Jabari Jones (West is Best)
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Jabari Jones (West is Best)

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What is one life experience you have that voters should know about?

 I felt the passion to serve my community while I was very young. Throughout my career - I was countlessly told "It's not your time" and "Wait your turn". I didn't listen to those voices - I served on my first non-profit boards, the Lancaster Avenue 21st Century Business Association and the Membership and Retention Committee at SBN when I was 18 and 19 years old respectively. I built an organization from scratch to represent small, diverse businesses in West Philadelphia that felt underrepresented when I was 21. Today, that organization is our district's largest business coalition, and even represents commercial corridors in the 2nd and 4th Councilmanic Districts. Since starting - I have helped hundreds of residents start new businesses and helped existing companies to grow, thrive and hire. And now, at 28 years old I'm running to be the youngest member of Philadelphia City Council in a race that the Philly Inquirer calls competitive. I believe discouraging young people undermines the positive changes they can make in our City. Once elected, I promise to warmly receive new ideas and fresh energy from young people motivated to make our City a better place.

What would be your top three policy priorities in office?

My number one priority is violent crime. We need to address the crime happening today before focusing exclusively on prevention. I will fight to invest in new technology that can help quickly identify perpetrators of serious violent crimes so they can be prosecuted. At the same time, I believe we must be empathetic to those that have served sentences and are coming out of prison. I support redirecting some anti-gun violence funding to fund direct services to help returning citizens - funding things like transitional housing, healthcare, and access to education that reduces the likelihood that they will feel trapped and additional crimes are the only option. My second priority is addressing the affordable housing crisis - which I feel can be done by streamlining requests for City owned property that include acceptable levels of permanent deed-restricted affordable housing. My third priority would be addressing poverty by creating a business environment where the norm is to create jobs paying $50K per year with medical benefits in industries with low barriers to entry. The City can use permit-fee waivers, tax subsidies, and incentives to create these jobs.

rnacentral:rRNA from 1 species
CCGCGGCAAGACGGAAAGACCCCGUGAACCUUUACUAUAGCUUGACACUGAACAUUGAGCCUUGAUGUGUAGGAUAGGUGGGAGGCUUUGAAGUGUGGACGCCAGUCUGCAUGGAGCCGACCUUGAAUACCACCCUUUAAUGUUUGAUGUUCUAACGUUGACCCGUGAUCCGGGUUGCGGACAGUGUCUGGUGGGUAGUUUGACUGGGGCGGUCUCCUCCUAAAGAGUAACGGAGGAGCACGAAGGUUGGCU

What sets you apart from other candidates?

I know what it feels like to feel unheard and unrepresented. I identify with younger residents in the City who feel that there's no one in City Council that represents or relates to them. I'm moderate, practical, and a problem solver and I sympathize with people who don't care about politics, abstract debates or ideologies but just want basic problems in our City to get solved. As someone who has started an organization and a business from scratch, I know how hard it is to get support from the City and will work to bridge that divide. Lastly, I have actually seen and felt the consequences of legislation. I understand that legislation should be enacted very carefully, that its easy for well-intentioned policy to backfire, and that rushed or reckless policies can do more harm than good. I will consult experts on every side of an issue - those that agree with me and those that don't, to fully understand the effects of a bill before making it law. I commit to listen to learn and listen to understand.

How do you plan to work across ideological lines to achieve shared goals?

My agenda focuses on solving problems. I will commit not to get entangled in conversations or debates about abstract things that don't help residents. I will work across the aisle, with Democrats, Republicans or anyone else to get things done for my community. I will avoid the hypocrisy that too many people associate with our current political system.

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